LYDIA: It just happens. It comes out of the material. It comes out of what the material is and how I see it emerging. And I never thought that I was a humorous writer until I began giving readings, when people started laughing. And they laughed consistently. And I guess that what I tried to do, what I thought I was doing was adopting a certain kind of view that was very sincere, even if it was kind of adopting another persona, one of being sincere.
THAD: So sincere, it's funny.
LYDIA: Yeah. If you adopt an odd persona, tell odd things sincerely and seriously, it can end up being funny. But I definitely never set out to think, -Now I'm going to write something funny.- I don't think I could.
THAD: I remember one part that struck me as funny was early on in The End of the Story, there's a line about - but I should set it up. [reads from novel]

If someone asks me what the novel is about, I say it's about a lost man, because I don't know what to say. But it is true that for a long time now I have not known where he is, after first knowing and then not knowing, knowing again and then losing him again. He once lived on the outskirts of a small city a few hundred miles from here. He once worked for his father, a physicist. Now he may be teaching English to foreigners, or teaching writing to businessmen, or managing a hotel. He may be in a different city, or not in a city at all, though a city is more likely than a town. He may still be married. I was told that he and his wife had a daughter and that they named her after a European city.

[laughs] That part about the city was really funny to me in the overall context of narrator's bitterness toward this man, and I remember thinking of these unflattering city names - Hamburg, Frankfurt ...
LYDIA: That was just taken purely from a friend of mine who did name his daughter after a European city. I don't remember whether it was Madrid or Paris or ...
THAD: Rome ...
LYDIA: ... right. And I guess it seemed, maybe I made a choice at that point in favor of humor, when I decided not to name a specific city. It was more funny, actually.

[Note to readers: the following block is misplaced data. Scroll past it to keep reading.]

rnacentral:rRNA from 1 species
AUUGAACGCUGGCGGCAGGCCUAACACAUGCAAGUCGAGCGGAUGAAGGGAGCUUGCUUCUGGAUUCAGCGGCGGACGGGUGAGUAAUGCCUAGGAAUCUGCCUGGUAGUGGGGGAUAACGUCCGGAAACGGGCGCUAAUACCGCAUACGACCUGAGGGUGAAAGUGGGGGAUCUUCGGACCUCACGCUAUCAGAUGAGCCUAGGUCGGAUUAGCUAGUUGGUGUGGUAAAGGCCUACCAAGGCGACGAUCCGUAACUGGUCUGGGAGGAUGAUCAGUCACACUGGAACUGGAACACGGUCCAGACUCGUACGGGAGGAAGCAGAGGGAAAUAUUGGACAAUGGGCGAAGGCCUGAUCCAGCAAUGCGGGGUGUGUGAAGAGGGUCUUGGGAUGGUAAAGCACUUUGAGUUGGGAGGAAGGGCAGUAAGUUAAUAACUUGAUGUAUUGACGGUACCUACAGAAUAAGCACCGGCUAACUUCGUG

THAD: What about rewriting? Did you ever feel the pressure exerted by the Beat writers - that "first word, best word" approach? Where you felt guilty or inauthentic for revising?
LYDIA: Never. I played with that when I was in college. Just to put a long scroll of paper in the typewriter and start typing.
THAD: Like Kerouac did for On the Road.
LYDIA: Right. And I enjoyed it tremendously, but at the same time I was taking the Thesaurus and just writing a short piece about death or drunkenness that would include as many terms from the Thesaurus as I could fit in. So I was doing all sorts of experimenting.
THAD: So that's never been a problem for you, that notion of the true American art as raw and ...
LYDIA: No, because I'm really sort of the opposite and I really resist that idea. I respect and admire certain writers who go about it that way, but I can't myself. I tend to revise and revise and revise. Most of the time. I do believe in not stopping to think when you're actually writing. I believe in just charging straight ahead and letting it be a mess, and putting an X instead of a word if you can't think of what the word should be, but you know what rhythm you want.
THAD: I would never have thought that about you. It all seems so polished.
LYDIA: Oh, there are definitely moments when I use -XYZ- just to keep the momentum until the thing is finished in some form. And then I start going back, and I go back again and again and again, even into the galleys if I see a word that's wrong.